Black History Fact of the Week: James Weldon Johnson
Educator, attorney, lyricist and writer
On June 17, 1871, James Weldon Johnson, writer of the lyrics for “Lift Every Voice and Sing,” (then called the Negro National Anthem), was born in Jacksonville, Fla., to James and Helen Johnson.
Coming from a well-educated and cultured family, Johnson was first taught by his schoolteacher mother. She instilled in him a sense of appreciation for English literature and the European tradition in music.
At the young age of 16, the future musician and trailblazer enrolled at Atlanta University and graduated in 1894. He then went on to teach African American students in his hometown. By 23, he had become principal of the same school where his mother taught.
Johnson made strides in education, leading the largest public school in the area, regardless of race. He also improved the system by adding the ninth and tenth grades and several subjects, including algebra, English and bookkeeping.
In 1901, he pursued a career in writing. He and his brother John worked together, composing some 200 songs for Broadway.
After leaving entertainment and education, Johnson became involved with politics and law. In 1897, he became the first Black person to be admitted to the Florida Bar since Reconstruction.
He worked for the NAACP and as United States consul in a foreign nation. While working for the civil rights organization, Johnson was able to bring attention to the racial ills plaguing America.
Johnson published several literary works and contributed to the transformation of America’s racist laws and policies. He died in 1938 near his summer home in Wiscasset, Me., when his car was hit by a train.
His legacy lives on through his words and songs of wisdom.
For more Black history facts, visit www.Black365.us.
On Sept. 13, 1886, world renowned writer and philosopher, Alain LeRoy Locke was born in Philadelphia, Pa., to math teacher and activist, Pliny Ishmael Locke and educator Mary Hawkins Locke.
He was a sickly child with rheumatic fever, but coped by reading a great deal and learning to play the piano and violin. The sickness damaged his heart for life.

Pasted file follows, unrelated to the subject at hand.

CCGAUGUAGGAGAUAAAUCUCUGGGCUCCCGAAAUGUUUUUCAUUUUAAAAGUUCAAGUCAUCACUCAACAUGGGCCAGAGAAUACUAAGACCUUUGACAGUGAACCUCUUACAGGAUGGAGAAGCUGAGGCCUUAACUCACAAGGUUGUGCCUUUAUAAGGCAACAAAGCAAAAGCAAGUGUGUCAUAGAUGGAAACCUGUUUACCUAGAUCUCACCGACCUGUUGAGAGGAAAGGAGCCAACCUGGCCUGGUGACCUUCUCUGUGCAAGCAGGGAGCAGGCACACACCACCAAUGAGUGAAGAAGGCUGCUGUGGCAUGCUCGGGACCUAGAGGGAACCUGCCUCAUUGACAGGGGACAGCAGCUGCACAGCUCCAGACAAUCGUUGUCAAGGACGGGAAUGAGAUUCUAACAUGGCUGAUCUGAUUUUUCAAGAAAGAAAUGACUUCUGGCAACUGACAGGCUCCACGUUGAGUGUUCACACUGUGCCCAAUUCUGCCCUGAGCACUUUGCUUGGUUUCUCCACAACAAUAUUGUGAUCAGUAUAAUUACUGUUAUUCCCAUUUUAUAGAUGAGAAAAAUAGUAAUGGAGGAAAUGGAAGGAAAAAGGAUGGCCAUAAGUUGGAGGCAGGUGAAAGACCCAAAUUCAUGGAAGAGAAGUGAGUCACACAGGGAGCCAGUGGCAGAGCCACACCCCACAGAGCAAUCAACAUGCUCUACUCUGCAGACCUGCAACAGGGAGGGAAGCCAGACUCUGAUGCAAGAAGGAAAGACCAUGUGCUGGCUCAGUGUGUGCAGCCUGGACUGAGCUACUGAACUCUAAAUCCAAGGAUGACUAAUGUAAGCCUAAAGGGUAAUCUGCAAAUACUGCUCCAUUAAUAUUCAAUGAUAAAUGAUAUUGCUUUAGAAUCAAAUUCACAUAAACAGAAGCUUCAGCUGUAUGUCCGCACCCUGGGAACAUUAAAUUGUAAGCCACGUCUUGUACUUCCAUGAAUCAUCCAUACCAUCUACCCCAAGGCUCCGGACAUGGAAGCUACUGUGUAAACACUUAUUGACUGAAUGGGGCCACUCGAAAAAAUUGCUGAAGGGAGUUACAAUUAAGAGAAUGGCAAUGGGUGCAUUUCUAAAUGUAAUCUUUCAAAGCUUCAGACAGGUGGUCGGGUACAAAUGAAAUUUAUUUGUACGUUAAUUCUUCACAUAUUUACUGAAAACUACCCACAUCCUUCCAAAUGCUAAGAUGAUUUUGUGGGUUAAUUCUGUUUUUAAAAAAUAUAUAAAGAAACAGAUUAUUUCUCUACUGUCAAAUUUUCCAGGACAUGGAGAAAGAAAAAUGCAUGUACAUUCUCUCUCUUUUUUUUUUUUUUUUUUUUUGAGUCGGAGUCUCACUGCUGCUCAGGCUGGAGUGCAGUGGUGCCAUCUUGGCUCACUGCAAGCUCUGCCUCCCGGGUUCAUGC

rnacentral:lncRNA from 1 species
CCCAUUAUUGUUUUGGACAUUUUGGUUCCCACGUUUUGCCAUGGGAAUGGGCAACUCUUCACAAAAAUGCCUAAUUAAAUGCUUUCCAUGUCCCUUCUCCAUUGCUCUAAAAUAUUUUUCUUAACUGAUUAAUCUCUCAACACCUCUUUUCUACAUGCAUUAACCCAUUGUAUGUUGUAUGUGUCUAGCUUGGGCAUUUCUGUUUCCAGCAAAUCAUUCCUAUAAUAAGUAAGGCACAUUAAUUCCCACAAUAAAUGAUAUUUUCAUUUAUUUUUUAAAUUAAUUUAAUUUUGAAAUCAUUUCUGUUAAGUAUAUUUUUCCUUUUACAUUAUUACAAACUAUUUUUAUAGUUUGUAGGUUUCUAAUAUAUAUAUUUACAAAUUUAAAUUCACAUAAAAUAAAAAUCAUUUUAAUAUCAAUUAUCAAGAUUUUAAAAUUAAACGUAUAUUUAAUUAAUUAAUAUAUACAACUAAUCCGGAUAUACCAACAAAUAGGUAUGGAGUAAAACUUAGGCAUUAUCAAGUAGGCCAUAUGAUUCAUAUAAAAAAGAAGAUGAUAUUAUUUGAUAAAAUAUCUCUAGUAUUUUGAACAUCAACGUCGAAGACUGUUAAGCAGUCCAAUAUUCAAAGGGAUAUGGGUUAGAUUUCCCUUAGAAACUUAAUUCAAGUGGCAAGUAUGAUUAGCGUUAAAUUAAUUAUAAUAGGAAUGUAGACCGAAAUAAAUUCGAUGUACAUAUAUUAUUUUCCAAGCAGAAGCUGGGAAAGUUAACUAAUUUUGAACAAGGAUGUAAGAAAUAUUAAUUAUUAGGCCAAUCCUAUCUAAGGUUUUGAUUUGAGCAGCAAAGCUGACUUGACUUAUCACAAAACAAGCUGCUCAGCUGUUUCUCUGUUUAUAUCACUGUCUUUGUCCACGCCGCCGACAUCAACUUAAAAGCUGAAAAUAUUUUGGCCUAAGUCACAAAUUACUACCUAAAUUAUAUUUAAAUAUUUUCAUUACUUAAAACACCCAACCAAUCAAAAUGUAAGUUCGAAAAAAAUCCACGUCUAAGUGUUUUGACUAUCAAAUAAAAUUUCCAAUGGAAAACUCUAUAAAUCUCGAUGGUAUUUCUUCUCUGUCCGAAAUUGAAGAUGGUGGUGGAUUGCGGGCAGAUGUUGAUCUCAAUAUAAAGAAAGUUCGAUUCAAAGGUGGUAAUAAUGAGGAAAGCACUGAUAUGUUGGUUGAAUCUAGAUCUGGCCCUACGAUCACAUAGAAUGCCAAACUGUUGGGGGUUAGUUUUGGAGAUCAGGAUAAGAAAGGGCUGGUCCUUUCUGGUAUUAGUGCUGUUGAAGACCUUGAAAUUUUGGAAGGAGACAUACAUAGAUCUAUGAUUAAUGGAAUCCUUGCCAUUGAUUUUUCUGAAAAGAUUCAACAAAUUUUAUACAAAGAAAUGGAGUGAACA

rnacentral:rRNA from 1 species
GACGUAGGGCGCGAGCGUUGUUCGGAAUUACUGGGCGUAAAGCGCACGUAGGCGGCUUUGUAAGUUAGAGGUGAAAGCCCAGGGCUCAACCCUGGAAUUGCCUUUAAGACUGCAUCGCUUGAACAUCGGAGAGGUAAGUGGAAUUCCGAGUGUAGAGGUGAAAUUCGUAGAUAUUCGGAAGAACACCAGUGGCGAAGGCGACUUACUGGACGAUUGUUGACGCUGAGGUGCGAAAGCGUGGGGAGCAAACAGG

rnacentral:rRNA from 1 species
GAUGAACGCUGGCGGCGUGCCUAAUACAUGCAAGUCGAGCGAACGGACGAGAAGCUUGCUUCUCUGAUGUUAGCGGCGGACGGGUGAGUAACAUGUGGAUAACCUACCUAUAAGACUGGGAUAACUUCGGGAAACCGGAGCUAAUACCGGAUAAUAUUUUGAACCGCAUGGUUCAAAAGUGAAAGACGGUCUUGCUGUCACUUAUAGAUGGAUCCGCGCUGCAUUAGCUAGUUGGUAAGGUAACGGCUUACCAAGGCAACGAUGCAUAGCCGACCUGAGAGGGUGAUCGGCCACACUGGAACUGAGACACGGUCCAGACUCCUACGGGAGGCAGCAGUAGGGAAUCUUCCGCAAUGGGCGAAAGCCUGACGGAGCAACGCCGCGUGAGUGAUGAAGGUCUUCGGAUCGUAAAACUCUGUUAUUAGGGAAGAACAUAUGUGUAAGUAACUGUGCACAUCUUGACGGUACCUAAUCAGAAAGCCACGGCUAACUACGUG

On Aug. 17, 1887, Marcus Mosiah Garvey Jr. was born in St. Ann’s Bay, Jamaica, to Marcus Mosiah Garvey Sr., a mason, and Sarah Jane Richards, a domestic worker. The youngest of 11 children, Garvey, along with his sister Indiana, were the only two to survive to maturity.
Naturally apt to revolutionary thought and action, in his young adult years he became a trade unionist, and in 1907 was elected vice president of the compositors’ branch of the printers’ union.
We’re not called ‘Negroes’ anymore. It’s a racial identification from our past; we’ve moved on …now we’re black or African American. We rarely stop to think of the power behind the word ‘Negro,’ and that at one time in our history it stood for dignity, power, and love. It meant that none of us were free, until we were all free and that we had a special bond that manifested itself in education; honor and trusting in God to give us the strength to do what needed to be done.
LOS ANGELES, Calif.—The Los Angeles Black community will roll out the red carpet this Saturday as one of the most powerful Black men in the United States makes appearances throughout the city.
Congressman James Clyburn (D-SC), who holds the title of Majority Whip for the 110th Congress, will speak at Anthony Samad, Ph.D.’s Urban Issues Forum and hold a press conference in conjunction with California Speaker Emeritus Karen Bass on Saturday at First A.M.E. Church, located at 1968 W. Adams Blvd. in Los Angeles.
On Sept. 26, 2001, police officer Stephen Roach was acquitted of all charges in the shooting death of an unarmed 19-year-old Black man—Timothy Thomas.
The shooting occurred on April 7 in Cincinnati, Ohio, when two off-duty police officers spotted the young man walking down the street. Thomas had 14 outstanding warrants out for his arrest, 12 of them for traffic violations. The other warrants were for evading the police. After noticing the police, the young man began to run. Within minutes, 12 officers were in pursuit.